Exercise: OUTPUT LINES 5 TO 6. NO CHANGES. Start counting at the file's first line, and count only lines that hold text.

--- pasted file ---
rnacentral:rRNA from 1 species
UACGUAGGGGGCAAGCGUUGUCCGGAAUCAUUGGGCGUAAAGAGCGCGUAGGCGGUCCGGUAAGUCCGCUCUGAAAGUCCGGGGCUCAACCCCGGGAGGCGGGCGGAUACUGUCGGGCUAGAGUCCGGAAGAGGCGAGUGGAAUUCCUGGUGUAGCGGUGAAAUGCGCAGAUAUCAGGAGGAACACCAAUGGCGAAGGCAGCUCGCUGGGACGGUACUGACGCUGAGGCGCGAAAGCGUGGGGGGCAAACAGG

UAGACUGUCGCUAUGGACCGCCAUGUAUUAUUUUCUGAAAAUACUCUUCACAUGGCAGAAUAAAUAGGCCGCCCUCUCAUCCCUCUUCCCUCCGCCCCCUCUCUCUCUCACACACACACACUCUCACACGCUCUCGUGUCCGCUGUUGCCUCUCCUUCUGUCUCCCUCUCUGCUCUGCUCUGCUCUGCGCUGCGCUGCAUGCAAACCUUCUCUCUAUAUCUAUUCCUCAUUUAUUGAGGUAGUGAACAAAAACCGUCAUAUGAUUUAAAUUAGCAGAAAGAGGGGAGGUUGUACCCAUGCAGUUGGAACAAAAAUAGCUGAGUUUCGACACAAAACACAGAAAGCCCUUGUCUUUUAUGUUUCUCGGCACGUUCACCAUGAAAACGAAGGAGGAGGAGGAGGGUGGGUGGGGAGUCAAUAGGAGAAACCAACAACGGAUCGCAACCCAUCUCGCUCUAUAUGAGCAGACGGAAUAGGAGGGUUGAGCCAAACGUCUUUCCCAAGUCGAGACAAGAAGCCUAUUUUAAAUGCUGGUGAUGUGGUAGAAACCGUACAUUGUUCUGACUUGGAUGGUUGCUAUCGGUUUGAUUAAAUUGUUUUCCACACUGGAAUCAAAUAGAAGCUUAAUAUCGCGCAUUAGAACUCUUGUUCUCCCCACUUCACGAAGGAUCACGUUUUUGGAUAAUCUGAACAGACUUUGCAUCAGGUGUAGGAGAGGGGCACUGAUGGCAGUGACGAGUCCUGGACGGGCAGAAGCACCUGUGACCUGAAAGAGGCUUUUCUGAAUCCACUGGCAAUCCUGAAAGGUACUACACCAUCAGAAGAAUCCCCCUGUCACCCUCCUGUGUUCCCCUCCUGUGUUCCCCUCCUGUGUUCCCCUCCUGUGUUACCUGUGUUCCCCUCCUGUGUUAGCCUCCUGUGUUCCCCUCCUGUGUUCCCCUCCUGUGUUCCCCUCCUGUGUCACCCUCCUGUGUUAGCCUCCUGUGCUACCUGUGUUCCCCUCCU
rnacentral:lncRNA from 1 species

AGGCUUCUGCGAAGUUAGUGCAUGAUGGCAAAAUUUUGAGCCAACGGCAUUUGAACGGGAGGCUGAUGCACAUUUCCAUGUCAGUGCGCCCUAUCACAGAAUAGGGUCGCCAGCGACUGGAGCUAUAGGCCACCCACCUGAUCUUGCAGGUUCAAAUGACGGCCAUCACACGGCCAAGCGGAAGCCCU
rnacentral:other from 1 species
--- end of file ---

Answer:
AGGCUUCUGCGAAGUUAGUGCAUGAUGGCAAAAUUUUGAGCCAACGGCAUUUGAACGGGAGGCUGAUGCACAUUUCCAUGUCAGUGCGCCCUAUCACAGAAUAGGGUCGCCAGCGACUGGAGCUAUAGGCCACCCACCUGAUCUUGCAGGUUCAAAUGACGGCCAUCACACGGCCAAGCGGAAGCCCU
rnacentral:other from 1 species